|Photos||Video & Audio||Blogs||Statistics||Archive||Shop||Mobile|
January 31, 2006
Mohammad Yousuf and Younis Khan piled on the runs, and another old tormentor - Shahid Afridi - scooped on the misery before Faisal Iqbal, the comeback kid, produced a maiden century of the highest class to shut India out of the Karachi Test. It was only the fourth time that all six top-order batsmen had made at least a half-century and by stumps, Pakistan's lead had swelled to an insurmountable 518. With two days still to play and no team having made more than 418 to win a Test, Pakistan were perfectly placed to push for the victory that would avenge the series loss on home soil two years ago.
India's bowlers didn't lack for effort, but they were stymied by their inadequacies and a pitch that was so benign as to make you wonder if it was the same one on which 14 wickets had fallen on the opening day. And with conditions in their favour, the batsmen had no intention of letting things drift, with Iqbal especially impressive in his role as Inzamam-ul-Haq's replacement. A little over three years ago, he scored a magnificent 83 at the P Sara Stadium in Colombo, against an Australian bowling line-up at its peak. After a lengthy spell on the sidelines and a first-innings failure here, he came up with an innings of similar quality, defending with a straight bat and severe on anything that asked to be hit.
Some of the cover-drives he played were just peachy, and the pulls and cuts also exemplified the confidence of a man who believes that he belongs in such an arena. With the sun setting and the bowlers spent, an emphatic pull for four off Kumble took him to three figures, and he received a stirring reception from his home crowd. There was also a hug from Abdul Razzaq, who had played his part with two huge sixes off Kumble during an accomplished knock of 44.
Any hopes that India had of salvaging this game had evaporated much earlier in the morning sunshine, as Younis and Yousuf brought up their fourth century partnership of the series - their fifth in the last five Tests against India. The bowlers toiled 25 overs without reward after Yousuf, who had gone past 5000 Test runs on the second day, set the tone for the morning with a superb cut for four off Rudra Pratap Singh. Singles were scampered with great ease, and the occasional sloppy effort in the field resulted in singles becoming twos.
There was some swing for Pathan, and also movement off the pitch, but he bowled at such leisurely medium pace that the batsmen were never hustled into a false stroke. Rudra Pratap was a little better and on the one occasion that he tried to surprise Younis with a bouncer, a withering pull sent the ball to the midwicket fence.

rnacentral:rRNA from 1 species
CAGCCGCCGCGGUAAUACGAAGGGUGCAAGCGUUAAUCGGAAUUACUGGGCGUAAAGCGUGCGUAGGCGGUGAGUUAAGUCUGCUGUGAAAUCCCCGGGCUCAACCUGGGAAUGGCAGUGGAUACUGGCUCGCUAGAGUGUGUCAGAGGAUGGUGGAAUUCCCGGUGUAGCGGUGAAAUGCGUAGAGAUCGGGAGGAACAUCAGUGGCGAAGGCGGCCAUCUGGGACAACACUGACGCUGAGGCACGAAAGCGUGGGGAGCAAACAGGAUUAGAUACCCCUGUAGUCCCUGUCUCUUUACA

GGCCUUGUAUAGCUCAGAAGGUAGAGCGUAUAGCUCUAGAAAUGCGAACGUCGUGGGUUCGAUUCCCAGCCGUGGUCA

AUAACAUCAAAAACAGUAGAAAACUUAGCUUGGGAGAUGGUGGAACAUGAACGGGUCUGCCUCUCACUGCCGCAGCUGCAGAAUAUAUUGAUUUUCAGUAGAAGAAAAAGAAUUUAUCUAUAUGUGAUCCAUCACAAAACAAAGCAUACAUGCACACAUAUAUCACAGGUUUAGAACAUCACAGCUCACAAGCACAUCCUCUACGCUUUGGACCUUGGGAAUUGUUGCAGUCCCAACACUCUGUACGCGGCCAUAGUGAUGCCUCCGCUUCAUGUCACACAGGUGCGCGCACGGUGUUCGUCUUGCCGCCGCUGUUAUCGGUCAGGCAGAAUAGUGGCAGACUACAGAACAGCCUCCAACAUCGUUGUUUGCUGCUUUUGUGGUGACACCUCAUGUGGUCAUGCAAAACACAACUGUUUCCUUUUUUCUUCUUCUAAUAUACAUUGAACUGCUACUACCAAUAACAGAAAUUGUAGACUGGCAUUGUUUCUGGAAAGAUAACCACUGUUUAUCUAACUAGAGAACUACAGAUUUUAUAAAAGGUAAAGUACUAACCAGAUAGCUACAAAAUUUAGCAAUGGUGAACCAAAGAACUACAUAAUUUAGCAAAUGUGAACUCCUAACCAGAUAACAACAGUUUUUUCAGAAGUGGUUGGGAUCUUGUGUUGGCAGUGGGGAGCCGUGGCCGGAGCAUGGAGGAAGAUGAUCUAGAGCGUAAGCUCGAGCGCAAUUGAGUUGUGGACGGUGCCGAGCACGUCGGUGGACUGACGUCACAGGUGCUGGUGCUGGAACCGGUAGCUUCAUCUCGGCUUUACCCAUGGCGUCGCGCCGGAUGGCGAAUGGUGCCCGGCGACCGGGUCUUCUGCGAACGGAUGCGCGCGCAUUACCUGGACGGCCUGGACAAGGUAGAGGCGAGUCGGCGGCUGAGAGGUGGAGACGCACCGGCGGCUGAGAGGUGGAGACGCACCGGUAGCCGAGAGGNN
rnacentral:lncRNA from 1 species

Younis took just 65 balls for his 50, and when Dravid called on Ganguly to bowl at gentle pace, Yousuf followed suit with a glorious on-drive for four. Thereafter, the runs kept coming, with a nudge here and a cut there, and two gorgeous straight-drives from Yousuf off Zaheer merely emphasized Pakistan's dominance. For India, playing a game of patience, the wait for a wicket was interminable.
It ended only after lunch but by the time Kumble trapped Younis in front, he had taken his series tally to 553, 45 more than the slim pickings he managed in India last year. It might have proved a window of opportunity, but Iqbal came in and batted with such confidence that thoughts of a collapse were soon swept away. He started with a fabulous back-foot punch for four off Ganguly, and then produced a forceful pull over midwicket.
Kumble kept plugging away at one end, and was unfortunate not to have Yousuf, when a mistimed drive just cleared Zaheer at mid-on. He had got to within three of his third century of the series when Kumble was again rewarded for his perseverance. The flipper did the trick, and Yousuf departed with 461 runs from the three matches.
Afridi arrived to a crescendo of noise, and quickly increased the din with three thumping off-drives. After a delicate late-cut for four, words were exchanged with Kumble, prompting the umpire to step in and have a word. But Afridi played sensibly, tempering his natural aggression, and his approach also seemed to encourage Iqbal, who played two splendid square-drives off Kumble. After 92 overs, Dravid had had enough, calling for the second new ball to try and rediscover the magic of the first morning.
Instead, he had to watch silently as Afridi went berserk, hammering Pathan for two fours and a six in an 18-run over. By the time he got carried away, much to the Indians' relief, he had thumped 60 from 46 balls in a blistering cameo that ensured that India would have to score more than they ever had to win a Test match. By stumps, however, even the honourable draw wasn't an option, unless a few million rain-dances did the trick.
Younis Khan lbw Kumble 77 (280 for 3)
Barely forward to one that barely turned
Mohammad Yousuf lbw Kumble 97 (318 for 4)
Trapped on the back foot by one that quickened onto him
Shahid Afridi c Tendulkar b Rudra Pratap 60 (402 for 5)
Mis-hit a pull to mid-on
Dileep Premachandran is features editor of CricinfoFeeds: Dileep Premachandran
© ESPN Sports Media Ltd.
Plays of the Day from the second ODI between England and India, in Cardiff
Plays of the day from the third ODI between England and India at Trent Bridge
Plays of the day from the tri-series match between Zimbabwe and South Africa
Would he have fared better than the incumbent middle-order batsmen, Root and Ballance?